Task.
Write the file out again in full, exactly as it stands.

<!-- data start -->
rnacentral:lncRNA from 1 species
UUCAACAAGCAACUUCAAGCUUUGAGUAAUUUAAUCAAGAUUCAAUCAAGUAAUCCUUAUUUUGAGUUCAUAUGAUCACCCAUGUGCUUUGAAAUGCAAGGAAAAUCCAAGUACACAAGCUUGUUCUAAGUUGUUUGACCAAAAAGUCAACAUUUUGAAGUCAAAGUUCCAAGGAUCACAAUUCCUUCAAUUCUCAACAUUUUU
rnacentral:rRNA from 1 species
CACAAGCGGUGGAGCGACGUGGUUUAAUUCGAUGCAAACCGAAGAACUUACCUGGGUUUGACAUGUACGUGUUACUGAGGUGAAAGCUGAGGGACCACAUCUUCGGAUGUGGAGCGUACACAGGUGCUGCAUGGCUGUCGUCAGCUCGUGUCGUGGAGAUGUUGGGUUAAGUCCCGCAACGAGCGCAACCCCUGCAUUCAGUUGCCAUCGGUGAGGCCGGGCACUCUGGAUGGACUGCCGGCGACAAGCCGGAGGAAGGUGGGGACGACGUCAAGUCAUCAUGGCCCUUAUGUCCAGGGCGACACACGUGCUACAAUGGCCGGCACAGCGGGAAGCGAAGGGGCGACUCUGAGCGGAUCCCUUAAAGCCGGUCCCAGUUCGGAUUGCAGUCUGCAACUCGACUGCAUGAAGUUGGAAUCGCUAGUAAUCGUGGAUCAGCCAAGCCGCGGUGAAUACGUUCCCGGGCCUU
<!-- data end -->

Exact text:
rnacentral:lncRNA from 1 species
UUCAACAAGCAACUUCAAGCUUUGAGUAAUUUAAUCAAGAUUCAAUCAAGUAAUCCUUAUUUUGAGUUCAUAUGAUCACCCAUGUGCUUUGAAAUGCAAGGAAAAUCCAAGUACACAAGCUUGUUCUAAGUUGUUUGACCAAAAAGUCAACAUUUUGAAGUCAAAGUUCCAAGGAUCACAAUUCCUUCAAUUCUCAACAUUUUU
rnacentral:rRNA from 1 species
CACAAGCGGUGGAGCGACGUGGUUUAAUUCGAUGCAAACCGAAGAACUUACCUGGGUUUGACAUGUACGUGUUACUGAGGUGAAAGCUGAGGGACCACAUCUUCGGAUGUGGAGCGUACACAGGUGCUGCAUGGCUGUCGUCAGCUCGUGUCGUGGAGAUGUUGGGUUAAGUCCCGCAACGAGCGCAACCCCUGCAUUCAGUUGCCAUCGGUGAGGCCGGGCACUCUGGAUGGACUGCCGGCGACAAGCCGGAGGAAGGUGGGGACGACGUCAAGUCAUCAUGGCCCUUAUGUCCAGGGCGACACACGUGCUACAAUGGCCGGCACAGCGGGAAGCGAAGGGGCGACUCUGAGCGGAUCCCUUAAAGCCGGUCCCAGUUCGGAUUGCAGUCUGCAACUCGACUGCAUGAAGUUGGAAUCGCUAGUAAUCGUGGAUCAGCCAAGCCGCGGUGAAUACGUUCCCGGGCCUU